Censorship and the Internet – Govt suggests content controls
In a new Government proposal for this year we could be seeing controls imposed on internet content.
In an interview late last year with The Daily Telegraph, Culture Secretary Andy Burnham indicated that he is considering cinema style age ratings on websites, as well as potentially requiring ISPs to offer “child-safe” internet services.
The very suggestion has already prompted a certain amount of outrage, both from individuals who believe that the internet should be a self-regulating community, and from those who resent the government acting as a ‘nanny state’.
From its first inception, the internet was intended as a peer-to-peer area where governments couldn’t reach. And in its infancy, that was fine, as it was a medium used primarily by academics, with limited reach. However with the massive reach and availability that the internet now enjoys, things have changed. Now the internet is populated with criminals and ne’er-do-wells as well as geniuses and innovators, and the government needs to walk the line between allowing freedom of collaboration, speech, and self regulation which is the spirit of the internet, and allowing a media which isn’t subject to the laws of the land.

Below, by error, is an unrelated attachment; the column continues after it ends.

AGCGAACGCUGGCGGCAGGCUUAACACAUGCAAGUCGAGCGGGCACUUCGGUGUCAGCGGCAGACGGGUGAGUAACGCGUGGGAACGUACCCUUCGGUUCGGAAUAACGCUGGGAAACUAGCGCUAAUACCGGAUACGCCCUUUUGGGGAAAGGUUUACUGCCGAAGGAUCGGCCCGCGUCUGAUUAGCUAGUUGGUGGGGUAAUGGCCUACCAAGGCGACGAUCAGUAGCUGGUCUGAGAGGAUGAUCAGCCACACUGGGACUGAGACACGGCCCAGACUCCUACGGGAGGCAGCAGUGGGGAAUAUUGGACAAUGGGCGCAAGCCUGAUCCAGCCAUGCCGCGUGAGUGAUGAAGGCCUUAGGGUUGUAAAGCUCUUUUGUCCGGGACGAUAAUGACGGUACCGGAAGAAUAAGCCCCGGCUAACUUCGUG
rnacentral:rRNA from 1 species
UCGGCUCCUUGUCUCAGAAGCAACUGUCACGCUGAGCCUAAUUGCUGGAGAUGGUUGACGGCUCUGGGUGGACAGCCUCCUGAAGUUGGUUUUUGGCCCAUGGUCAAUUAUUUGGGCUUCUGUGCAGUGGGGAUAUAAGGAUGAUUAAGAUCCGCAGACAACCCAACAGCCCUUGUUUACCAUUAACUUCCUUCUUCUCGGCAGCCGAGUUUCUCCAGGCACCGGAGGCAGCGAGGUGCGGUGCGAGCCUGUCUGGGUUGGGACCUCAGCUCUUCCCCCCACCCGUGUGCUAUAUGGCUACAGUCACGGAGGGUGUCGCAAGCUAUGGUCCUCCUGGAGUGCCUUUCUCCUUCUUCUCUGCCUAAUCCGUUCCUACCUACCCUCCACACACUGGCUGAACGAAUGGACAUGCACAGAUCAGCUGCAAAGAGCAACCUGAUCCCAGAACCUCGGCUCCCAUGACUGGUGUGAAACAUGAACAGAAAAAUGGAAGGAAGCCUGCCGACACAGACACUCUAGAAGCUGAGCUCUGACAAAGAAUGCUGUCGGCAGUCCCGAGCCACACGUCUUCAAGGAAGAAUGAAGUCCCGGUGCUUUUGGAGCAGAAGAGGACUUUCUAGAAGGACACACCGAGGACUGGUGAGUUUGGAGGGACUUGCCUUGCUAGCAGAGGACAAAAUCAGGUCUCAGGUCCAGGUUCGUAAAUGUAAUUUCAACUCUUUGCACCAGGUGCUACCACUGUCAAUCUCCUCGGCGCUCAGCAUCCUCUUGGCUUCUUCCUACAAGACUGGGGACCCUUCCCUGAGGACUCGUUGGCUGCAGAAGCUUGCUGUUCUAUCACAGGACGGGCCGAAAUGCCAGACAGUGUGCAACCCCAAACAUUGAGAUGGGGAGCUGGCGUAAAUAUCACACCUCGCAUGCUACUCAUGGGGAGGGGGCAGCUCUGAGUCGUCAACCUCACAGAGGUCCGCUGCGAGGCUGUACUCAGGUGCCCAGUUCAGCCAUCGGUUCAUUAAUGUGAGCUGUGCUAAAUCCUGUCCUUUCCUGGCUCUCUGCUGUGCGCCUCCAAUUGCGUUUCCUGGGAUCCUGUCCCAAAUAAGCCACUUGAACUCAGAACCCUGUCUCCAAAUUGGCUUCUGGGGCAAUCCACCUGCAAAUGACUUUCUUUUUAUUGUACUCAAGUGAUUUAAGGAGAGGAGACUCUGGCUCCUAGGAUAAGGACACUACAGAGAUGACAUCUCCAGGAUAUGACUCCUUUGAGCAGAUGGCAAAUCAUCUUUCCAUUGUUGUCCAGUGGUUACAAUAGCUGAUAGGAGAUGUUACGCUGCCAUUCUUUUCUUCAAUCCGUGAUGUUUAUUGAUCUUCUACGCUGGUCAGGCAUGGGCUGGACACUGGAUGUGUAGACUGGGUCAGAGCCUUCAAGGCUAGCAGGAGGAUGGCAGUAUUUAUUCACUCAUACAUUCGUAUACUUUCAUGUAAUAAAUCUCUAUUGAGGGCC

It would be nice to think that the internet can be fully self- or peer-regulating, but while this works to an extent it is open to abuse by those who aren’t interested in the spirit of co-operation. Content on the internet must be subject to some regulation, even if it is only libel laws – the difficulty comes in drawing the line.
“The fact is that the openness of the Internet, which is such a wonderful thing, does depend on a certain amount of regulation” – Tim Berners-Lee, inventor of the Web.
It’s an issue which is bound to provoke a good deal of debate, as no doubt civil liberties and free speech will be invoked, as will the need to protect the innocent from the not-so-innocent. In the end, though, the arguments all seem to be somewhat theoretical because the biggest question is, even if the government brings in new content legislation, how will anyone ever police it?